For this year’s Women in Construction Week (WIC Week), we spoke with five women—Michelle Wilson, Emily Orona, Mariss Stevens, Keyla Santiago and Ashley Fortune—who work as apprentices in the construction trades for McKinstry.
For those who are unfamiliar, apprenticeship is a system in which workers train on-the-job—earning wages and doing productive work—while also taking courses and mastering their craft. At McKinstry, apprentices on jobsites perform vital work and apprenticeship programs are a valuable source of jobsite innovation.
Below are excerpts from interviews with these five apprentices:
Q: How would you describe/summarize your current position in the trades with McKinstry? Why did you choose to work in the trades?
Michelle Wilson: My current position is HVAC sheet metal worker—fifth year apprentice.
Emily Orona: I am a commercial plumber apprentice, currently setting bathroom trim and fixtures. I chose to be a plumber because you always need a plumber. I am fortunate to be part of the McKinstry team. I was dispatched to McKinstry a year and a half ago. If it’s possible, I’d like to spend the rest of my career here.
Mariss Stevens: I am a third year sprinkler fitter apprentice. I’m currently working at a high-rise condominium tower learning how to install CPVC piping for the sprinkler system. Growing up, I experienced two house fires in which I lost everything (including pets). It’s rewarding to go to work every day knowing what I’m doing saves people from going through what I went through.
Keyla Santiago: I am a first year steamfitter/pipefitter apprentice. I assist with installing and assembling various piping systems. After years of retail, customer service and food service work I wanted a career change. While I’ve enjoyed my work, during those years, I wanted to obtain a career in which I could build a financially stable future for myself.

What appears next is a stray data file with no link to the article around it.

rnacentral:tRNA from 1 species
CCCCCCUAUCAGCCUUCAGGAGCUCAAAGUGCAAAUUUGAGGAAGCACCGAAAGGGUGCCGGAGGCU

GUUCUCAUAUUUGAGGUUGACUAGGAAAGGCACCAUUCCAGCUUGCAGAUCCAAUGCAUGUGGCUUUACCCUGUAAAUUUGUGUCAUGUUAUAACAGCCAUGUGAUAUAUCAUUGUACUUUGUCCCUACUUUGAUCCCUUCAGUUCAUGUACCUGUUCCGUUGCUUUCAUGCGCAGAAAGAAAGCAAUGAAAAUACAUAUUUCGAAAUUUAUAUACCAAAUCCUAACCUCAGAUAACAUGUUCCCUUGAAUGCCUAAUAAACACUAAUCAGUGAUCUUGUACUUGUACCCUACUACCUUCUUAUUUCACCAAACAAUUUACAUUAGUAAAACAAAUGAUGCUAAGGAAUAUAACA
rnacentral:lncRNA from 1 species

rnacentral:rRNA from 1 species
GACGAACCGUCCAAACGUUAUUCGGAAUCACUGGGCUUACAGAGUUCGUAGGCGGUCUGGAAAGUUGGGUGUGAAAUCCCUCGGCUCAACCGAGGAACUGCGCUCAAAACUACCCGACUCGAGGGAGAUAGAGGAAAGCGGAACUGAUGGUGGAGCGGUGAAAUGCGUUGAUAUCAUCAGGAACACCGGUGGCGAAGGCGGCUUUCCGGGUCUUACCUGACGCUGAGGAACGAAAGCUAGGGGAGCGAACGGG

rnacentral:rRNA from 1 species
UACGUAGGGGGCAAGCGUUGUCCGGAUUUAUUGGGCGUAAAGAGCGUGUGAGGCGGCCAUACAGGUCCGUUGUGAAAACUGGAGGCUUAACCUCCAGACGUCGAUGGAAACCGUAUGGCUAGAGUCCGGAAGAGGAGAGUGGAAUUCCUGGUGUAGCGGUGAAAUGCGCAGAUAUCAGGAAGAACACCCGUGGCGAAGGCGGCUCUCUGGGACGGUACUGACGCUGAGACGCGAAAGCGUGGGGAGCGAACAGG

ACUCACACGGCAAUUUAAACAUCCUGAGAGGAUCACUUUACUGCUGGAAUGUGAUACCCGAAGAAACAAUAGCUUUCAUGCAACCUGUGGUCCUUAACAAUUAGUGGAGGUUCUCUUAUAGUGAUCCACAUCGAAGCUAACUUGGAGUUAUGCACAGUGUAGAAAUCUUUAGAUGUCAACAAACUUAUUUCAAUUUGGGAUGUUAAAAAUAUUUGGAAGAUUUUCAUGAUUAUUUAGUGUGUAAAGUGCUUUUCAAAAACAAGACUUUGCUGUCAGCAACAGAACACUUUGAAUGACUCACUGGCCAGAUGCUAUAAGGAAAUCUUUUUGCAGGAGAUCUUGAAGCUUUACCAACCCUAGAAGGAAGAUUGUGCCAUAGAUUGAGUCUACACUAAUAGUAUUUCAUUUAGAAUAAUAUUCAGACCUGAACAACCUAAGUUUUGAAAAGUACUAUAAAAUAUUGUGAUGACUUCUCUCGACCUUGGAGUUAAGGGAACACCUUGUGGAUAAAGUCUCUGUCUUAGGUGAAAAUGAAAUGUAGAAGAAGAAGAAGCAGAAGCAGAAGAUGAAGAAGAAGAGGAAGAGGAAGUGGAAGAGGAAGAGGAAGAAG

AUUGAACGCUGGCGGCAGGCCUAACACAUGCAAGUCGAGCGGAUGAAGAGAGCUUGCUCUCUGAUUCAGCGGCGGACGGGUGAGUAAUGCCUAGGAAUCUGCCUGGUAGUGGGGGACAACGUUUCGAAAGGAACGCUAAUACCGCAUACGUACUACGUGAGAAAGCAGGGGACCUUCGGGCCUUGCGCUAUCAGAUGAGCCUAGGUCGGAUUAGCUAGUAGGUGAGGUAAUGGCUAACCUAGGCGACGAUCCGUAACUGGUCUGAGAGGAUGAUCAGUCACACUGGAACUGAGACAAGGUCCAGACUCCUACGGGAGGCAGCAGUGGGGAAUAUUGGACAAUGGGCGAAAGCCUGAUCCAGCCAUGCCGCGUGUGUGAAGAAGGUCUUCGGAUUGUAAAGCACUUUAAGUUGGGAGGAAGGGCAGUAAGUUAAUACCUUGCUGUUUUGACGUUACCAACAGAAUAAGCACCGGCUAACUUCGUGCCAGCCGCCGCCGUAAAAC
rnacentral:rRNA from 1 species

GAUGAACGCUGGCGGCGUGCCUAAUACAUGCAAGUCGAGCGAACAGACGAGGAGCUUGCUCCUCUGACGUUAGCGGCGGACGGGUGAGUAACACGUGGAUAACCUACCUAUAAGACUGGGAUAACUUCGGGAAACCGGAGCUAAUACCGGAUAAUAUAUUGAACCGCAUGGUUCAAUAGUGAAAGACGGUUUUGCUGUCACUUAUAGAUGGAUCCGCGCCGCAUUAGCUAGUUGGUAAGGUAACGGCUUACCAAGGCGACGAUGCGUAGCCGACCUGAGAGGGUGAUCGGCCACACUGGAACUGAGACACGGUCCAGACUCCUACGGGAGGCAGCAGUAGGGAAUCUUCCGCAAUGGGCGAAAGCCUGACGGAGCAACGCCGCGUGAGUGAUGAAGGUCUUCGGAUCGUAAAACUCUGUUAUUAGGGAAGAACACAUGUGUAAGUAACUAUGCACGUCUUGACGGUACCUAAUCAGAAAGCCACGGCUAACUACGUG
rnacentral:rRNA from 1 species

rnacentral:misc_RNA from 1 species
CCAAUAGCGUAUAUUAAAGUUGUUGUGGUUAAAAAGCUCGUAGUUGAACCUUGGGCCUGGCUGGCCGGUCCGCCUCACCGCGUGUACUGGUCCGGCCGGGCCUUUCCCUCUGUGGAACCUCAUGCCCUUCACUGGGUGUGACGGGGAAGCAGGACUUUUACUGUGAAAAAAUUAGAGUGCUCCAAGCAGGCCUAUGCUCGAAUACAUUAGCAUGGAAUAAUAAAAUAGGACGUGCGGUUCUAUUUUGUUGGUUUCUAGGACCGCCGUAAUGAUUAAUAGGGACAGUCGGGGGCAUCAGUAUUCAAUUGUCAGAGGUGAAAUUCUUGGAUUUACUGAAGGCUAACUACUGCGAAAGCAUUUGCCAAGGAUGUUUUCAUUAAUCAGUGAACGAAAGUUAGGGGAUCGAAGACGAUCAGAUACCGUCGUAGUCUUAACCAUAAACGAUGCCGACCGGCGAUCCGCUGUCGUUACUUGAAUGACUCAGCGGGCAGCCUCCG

Ashley Fortune: I am currently a third year steamfitter apprentice. I chose to work in the trades to provide for my two kids. As a single mom, I was living paycheck to paycheck and feeling like I wasn’t getting anywhere. Also, I am the type of girl that likes to do things with my hands and learn. I’ve grown so much during my apprenticeship—I am now able to lay out a whole floor and install pipe solo. I know more about the systems we work on and what it takes to be good at the job.
Q: What’s been your favorite part of working in the trades?
Michelle: My favorite part about working in the trades—besides the money—is the camaraderie with my fellow tradespeople. There’s also the pension, which was and is a huge factor in why I went into the trades.
Emily: My favorite part about working in the trades is the reward of seeing the end result of my craftsmanship, or as I should say “craftwomanship.”
Mariss: My favorite part of working in the trades is feeling valuable. Every job I’m on (whether it be for a week, a month, or a year), my time and work has helped benefit that job in some way, which will later help benefit the customers and tenants occupying that building. Being able to work hard all day installing pipe and taking a step back at the end of the day looking at my work makes me feel like I’m a good asset to the team.
Keyla: My favorite part of working in the trades is learning my trade. I’m a first year apprentice and am considered pretty green. I’m grateful to have been paired with journeymen who are patient, take time to explain and teach me different aspects of our job.